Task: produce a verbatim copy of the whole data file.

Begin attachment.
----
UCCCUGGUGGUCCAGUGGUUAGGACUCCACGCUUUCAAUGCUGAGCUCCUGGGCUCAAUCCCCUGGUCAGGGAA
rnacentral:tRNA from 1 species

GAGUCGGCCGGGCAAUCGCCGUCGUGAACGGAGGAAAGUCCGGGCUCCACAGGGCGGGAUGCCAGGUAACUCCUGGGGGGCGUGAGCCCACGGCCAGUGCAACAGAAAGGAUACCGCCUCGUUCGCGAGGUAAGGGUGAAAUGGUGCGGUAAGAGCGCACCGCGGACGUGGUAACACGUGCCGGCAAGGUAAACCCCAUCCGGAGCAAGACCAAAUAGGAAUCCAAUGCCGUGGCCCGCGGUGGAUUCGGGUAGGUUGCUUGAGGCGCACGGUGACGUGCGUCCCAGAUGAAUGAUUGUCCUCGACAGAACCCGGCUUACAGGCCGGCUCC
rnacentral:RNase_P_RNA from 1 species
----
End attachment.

UCCCUGGUGGUCCAGUGGUUAGGACUCCACGCUUUCAAUGCUGAGCUCCUGGGCUCAAUCCCCUGGUCAGGGAA
rnacentral:tRNA from 1 species

GAGUCGGCCGGGCAAUCGCCGUCGUGAACGGAGGAAAGUCCGGGCUCCACAGGGCGGGAUGCCAGGUAACUCCUGGGGGGCGUGAGCCCACGGCCAGUGCAACAGAAAGGAUACCGCCUCGUUCGCGAGGUAAGGGUGAAAUGGUGCGGUAAGAGCGCACCGCGGACGUGGUAACACGUGCCGGCAAGGUAAACCCCAUCCGGAGCAAGACCAAAUAGGAAUCCAAUGCCGUGGCCCGCGGUGGAUUCGGGUAGGUUGCUUGAGGCGCACGGUGACGUGCGUCCCAGAUGAAUGAUUGUCCUCGACAGAACCCGGCUUACAGGCCGGCUCC
rnacentral:RNase_P_RNA from 1 species